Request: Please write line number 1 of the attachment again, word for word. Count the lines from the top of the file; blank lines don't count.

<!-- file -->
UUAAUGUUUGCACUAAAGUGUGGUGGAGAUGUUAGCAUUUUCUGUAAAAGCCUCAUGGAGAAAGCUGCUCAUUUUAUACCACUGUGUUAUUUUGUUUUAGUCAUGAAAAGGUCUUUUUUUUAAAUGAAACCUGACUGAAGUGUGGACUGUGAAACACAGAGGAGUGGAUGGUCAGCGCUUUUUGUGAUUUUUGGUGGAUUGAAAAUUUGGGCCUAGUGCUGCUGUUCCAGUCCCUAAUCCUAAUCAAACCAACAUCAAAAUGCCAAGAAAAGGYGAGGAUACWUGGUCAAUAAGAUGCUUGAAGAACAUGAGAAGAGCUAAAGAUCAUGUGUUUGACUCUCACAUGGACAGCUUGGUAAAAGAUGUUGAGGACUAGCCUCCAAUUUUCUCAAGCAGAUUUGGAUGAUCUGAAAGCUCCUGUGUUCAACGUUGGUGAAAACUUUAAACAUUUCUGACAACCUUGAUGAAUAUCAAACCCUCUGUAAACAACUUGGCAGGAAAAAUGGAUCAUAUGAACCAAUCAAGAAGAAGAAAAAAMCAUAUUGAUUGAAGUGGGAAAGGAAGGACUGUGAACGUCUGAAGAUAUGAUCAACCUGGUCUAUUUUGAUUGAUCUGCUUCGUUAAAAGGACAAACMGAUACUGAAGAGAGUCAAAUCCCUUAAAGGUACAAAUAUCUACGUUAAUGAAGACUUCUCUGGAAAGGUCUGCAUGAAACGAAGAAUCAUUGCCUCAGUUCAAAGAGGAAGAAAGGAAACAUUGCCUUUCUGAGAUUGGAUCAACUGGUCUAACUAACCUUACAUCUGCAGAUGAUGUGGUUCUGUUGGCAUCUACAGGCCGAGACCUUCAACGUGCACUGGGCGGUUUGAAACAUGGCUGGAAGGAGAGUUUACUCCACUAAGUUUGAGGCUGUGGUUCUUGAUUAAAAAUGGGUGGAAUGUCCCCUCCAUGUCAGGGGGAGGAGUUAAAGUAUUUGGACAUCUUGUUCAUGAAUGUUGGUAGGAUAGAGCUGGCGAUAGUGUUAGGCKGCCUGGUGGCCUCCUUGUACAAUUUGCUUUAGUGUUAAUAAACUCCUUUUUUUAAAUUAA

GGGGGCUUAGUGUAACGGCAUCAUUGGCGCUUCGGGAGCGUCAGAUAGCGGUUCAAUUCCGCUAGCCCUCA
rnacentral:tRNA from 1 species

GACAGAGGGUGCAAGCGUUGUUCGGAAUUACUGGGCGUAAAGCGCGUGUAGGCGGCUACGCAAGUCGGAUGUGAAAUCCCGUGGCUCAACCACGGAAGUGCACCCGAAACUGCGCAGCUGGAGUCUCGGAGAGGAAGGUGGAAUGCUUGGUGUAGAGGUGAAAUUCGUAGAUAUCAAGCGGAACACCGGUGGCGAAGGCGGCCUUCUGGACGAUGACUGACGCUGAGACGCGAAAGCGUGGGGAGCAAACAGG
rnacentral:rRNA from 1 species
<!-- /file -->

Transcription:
UUAAUGUUUGCACUAAAGUGUGGUGGAGAUGUUAGCAUUUUCUGUAAAAGCCUCAUGGAGAAAGCUGCUCAUUUUAUACCACUGUGUUAUUUUGUUUUAGUCAUGAAAAGGUCUUUUUUUUAAAUGAAACCUGACUGAAGUGUGGACUGUGAAACACAGAGGAGUGGAUGGUCAGCGCUUUUUGUGAUUUUUGGUGGAUUGAAAAUUUGGGCCUAGUGCUGCUGUUCCAGUCCCUAAUCCUAAUCAAACCAACAUCAAAAUGCCAAGAAAAGGYGAGGAUACWUGGUCAAUAAGAUGCUUGAAGAACAUGAGAAGAGCUAAAGAUCAUGUGUUUGACUCUCACAUGGACAGCUUGGUAAAAGAUGUUGAGGACUAGCCUCCAAUUUUCUCAAGCAGAUUUGGAUGAUCUGAAAGCUCCUGUGUUCAACGUUGGUGAAAACUUUAAACAUUUCUGACAACCUUGAUGAAUAUCAAACCCUCUGUAAACAACUUGGCAGGAAAAAUGGAUCAUAUGAACCAAUCAAGAAGAAGAAAAAAMCAUAUUGAUUGAAGUGGGAAAGGAAGGACUGUGAACGUCUGAAGAUAUGAUCAACCUGGUCUAUUUUGAUUGAUCUGCUUCGUUAAAAGGACAAACMGAUACUGAAGAGAGUCAAAUCCCUUAAAGGUACAAAUAUCUACGUUAAUGAAGACUUCUCUGGAAAGGUCUGCAUGAAACGAAGAAUCAUUGCCUCAGUUCAAAGAGGAAGAAAGGAAACAUUGCCUUUCUGAGAUUGGAUCAACUGGUCUAACUAACCUUACAUCUGCAGAUGAUGUGGUUCUGUUGGCAUCUACAGGCCGAGACCUUCAACGUGCACUGGGCGGUUUGAAACAUGGCUGGAAGGAGAGUUUACUCCACUAAGUUUGAGGCUGUGGUUCUUGAUUAAAAAUGGGUGGAAUGUCCCCUCCAUGUCAGGGGGAGGAGUUAAAGUAUUUGGACAUCUUGUUCAUGAAUGUUGGUAGGAUAGAGCUGGCGAUAGUGUUAGGCKGCCUGGUGGCCUCCUUGUACAAUUUGCUUUAGUGUUAAUAAACUCCUUUUUUUAAAUUAA